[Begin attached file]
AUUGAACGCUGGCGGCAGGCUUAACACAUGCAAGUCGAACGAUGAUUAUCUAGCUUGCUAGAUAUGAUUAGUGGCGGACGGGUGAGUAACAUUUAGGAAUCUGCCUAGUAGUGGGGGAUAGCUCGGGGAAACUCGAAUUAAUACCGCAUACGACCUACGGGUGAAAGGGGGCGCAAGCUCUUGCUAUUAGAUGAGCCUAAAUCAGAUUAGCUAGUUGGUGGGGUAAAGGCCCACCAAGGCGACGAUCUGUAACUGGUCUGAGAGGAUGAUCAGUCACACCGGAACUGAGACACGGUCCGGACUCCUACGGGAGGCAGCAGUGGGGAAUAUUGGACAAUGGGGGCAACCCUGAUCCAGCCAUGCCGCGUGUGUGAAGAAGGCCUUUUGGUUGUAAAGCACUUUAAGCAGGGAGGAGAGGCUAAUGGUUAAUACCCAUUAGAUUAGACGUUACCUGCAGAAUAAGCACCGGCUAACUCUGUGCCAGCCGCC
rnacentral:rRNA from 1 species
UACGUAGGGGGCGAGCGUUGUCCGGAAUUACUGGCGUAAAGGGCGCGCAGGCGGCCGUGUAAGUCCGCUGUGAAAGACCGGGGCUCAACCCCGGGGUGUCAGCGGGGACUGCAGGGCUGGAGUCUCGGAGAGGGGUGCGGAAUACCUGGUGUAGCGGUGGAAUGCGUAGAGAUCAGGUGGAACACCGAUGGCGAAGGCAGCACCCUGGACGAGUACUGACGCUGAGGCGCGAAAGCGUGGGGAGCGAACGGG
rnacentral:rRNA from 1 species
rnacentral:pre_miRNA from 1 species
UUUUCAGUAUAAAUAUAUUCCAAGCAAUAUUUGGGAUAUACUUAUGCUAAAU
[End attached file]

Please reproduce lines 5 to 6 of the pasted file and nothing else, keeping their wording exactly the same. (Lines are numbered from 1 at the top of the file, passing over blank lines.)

rnacentral:pre_miRNA from 1 species
UUUUCAGUAUAAAUAUAUUCCAAGCAAUAUUUGGGAUAUACUUAUGCUAAAU